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  • National register will stop 'prolific' sperm donors

    Author: AAP

A national sperm donation register would stop "prolific" sperm donors from creating more families than legally allowed, a peak fertility body says.

The Fertility Society of Australia and New Zealand is concerned online services are helping sperm donors create families in multiple states and territories without official documentation.

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The lack of regulation and records presents considerable medical and legal risks for all parties involved, the society's president Luk Rombauts says.

"In accredited fertility clinics, all sperm donations are recorded, and professional screening and quarantining procedures are in place as accepted practice to provide appropriate health safeguards," he said.

"With online sperm donations, there are no appropriate screening protocols for sexually transmitted or genetically linked diseases (and) no professional counselling to help people make informed decisions about this procedure."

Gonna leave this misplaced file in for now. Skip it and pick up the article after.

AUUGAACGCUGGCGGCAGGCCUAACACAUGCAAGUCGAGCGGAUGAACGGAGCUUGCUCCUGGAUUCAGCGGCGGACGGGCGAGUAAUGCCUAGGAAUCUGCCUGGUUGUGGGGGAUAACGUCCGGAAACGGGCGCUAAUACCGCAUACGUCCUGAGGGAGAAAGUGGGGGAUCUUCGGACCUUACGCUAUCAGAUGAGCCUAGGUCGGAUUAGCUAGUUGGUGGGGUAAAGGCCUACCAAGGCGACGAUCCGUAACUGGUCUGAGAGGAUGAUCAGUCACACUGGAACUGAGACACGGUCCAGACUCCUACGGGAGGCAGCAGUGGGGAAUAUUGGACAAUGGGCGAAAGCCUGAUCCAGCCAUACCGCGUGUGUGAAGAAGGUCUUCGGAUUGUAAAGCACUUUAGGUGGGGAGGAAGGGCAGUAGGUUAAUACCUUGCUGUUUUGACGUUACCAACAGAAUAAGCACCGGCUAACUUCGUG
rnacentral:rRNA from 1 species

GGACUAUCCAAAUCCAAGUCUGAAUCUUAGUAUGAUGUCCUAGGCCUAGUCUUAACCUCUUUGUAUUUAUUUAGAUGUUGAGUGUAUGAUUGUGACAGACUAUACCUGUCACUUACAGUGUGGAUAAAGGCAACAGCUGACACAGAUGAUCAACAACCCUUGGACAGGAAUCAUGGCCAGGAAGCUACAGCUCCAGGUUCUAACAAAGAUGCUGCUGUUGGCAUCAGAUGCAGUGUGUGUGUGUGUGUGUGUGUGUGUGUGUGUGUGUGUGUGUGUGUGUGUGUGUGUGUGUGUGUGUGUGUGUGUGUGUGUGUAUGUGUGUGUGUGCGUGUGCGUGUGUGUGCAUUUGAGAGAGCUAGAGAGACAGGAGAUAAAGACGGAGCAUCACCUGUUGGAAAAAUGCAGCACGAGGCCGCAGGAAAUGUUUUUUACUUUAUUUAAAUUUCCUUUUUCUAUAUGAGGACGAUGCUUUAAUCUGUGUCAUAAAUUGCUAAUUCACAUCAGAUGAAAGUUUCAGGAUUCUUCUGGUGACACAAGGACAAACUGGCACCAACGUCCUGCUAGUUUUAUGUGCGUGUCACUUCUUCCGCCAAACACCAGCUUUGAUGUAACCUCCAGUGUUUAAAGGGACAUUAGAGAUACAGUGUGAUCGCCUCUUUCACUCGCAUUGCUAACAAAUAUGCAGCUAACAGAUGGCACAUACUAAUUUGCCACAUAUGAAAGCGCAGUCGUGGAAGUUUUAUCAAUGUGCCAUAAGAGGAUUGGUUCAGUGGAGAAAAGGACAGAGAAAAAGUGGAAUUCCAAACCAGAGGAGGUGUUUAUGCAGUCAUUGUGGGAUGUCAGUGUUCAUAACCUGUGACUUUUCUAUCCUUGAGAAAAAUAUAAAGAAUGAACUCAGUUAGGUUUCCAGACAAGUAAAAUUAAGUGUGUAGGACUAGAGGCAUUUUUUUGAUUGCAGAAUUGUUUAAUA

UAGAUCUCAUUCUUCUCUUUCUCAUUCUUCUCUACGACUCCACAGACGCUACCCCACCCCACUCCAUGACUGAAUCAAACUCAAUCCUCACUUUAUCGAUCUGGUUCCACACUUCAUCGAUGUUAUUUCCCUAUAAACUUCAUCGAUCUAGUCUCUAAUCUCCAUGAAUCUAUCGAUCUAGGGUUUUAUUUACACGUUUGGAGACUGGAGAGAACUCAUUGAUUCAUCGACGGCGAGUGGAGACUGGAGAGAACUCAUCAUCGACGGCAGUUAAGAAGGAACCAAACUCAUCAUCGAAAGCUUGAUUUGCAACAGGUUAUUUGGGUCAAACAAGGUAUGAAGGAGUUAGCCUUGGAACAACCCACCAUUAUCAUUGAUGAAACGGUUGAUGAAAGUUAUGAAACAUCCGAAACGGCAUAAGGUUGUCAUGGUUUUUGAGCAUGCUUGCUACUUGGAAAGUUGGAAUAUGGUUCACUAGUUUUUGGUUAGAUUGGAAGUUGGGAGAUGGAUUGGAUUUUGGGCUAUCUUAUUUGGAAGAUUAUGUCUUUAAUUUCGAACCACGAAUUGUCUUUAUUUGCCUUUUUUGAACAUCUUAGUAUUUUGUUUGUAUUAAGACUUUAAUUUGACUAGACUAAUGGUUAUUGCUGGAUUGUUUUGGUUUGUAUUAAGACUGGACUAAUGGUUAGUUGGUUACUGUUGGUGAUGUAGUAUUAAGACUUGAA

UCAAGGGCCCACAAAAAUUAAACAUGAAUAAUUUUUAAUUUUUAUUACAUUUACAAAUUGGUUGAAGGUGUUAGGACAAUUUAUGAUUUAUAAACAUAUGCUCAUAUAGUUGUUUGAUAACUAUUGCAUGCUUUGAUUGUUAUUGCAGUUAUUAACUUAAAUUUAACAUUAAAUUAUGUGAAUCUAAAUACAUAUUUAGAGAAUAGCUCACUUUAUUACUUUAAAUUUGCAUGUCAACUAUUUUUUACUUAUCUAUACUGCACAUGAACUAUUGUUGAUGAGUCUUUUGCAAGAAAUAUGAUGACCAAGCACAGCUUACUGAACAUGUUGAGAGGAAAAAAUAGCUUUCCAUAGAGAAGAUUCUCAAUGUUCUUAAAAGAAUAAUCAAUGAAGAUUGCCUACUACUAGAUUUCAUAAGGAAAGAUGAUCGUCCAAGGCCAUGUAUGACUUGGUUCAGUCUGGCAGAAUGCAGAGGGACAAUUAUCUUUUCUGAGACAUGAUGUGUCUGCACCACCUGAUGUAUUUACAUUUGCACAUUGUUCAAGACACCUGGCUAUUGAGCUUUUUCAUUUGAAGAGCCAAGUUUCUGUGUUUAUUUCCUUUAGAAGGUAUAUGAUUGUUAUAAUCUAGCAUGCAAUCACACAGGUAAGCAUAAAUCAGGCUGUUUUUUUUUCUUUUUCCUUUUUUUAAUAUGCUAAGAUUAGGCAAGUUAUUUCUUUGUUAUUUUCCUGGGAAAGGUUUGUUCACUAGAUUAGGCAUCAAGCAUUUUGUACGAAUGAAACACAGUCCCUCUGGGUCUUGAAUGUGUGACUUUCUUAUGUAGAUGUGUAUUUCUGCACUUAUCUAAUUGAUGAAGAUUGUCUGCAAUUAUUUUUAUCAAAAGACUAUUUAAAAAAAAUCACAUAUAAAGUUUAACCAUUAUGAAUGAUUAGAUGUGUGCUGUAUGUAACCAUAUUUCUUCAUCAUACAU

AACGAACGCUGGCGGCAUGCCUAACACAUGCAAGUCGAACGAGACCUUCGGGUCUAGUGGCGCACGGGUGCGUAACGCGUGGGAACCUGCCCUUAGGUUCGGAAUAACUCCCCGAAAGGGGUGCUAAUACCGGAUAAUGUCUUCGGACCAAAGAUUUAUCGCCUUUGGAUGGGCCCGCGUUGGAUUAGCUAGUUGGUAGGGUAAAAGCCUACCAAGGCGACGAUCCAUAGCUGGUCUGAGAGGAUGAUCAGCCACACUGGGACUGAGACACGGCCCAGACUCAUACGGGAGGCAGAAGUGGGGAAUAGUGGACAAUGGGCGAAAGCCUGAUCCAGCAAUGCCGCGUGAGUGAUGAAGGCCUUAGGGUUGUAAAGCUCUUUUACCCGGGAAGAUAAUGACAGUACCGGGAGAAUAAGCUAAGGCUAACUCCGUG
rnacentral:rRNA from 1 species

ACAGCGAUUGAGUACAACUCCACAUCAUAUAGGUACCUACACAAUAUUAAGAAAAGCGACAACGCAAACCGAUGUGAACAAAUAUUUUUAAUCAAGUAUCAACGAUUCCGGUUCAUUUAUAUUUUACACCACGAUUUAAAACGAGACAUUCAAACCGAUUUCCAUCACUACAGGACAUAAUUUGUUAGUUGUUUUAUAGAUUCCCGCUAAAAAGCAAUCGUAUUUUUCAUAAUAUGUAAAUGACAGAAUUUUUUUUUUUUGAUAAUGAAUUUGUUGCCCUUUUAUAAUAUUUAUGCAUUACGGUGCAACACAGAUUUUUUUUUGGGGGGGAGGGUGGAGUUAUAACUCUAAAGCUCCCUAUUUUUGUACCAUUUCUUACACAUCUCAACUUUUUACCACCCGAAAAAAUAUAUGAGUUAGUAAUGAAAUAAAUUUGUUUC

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Prof Rombauts said without a national register, prolific online donors are able to breach legal limits on the numbers of families they create.

Those limits range between five and 10 families depending on the jurisdiction.

Breaching those caps can also increase the risk of accidental incest, Prof Rombauts said.

"Nobody seems to be asking how donor-conceived children will feel growing up knowing that they are part of large group of half-siblings, and it also raises the real prospect of accidental consanguinity," he said.

The fertility body has backed the Australian and New Zealand Infertility Counsellors Association's calls for a national sperm donation register.

The association is writing to the federal health minister, pushing for a national system and a parliamentary inquiry into the lack of regulation of online sperm donations.

"A proper national register would monitor the number of families created from the same donor, guide and inform potential recipients of sperm donations, and support donor conceived offspring with knowledge of their biological heritage," Prof Rombauts said.


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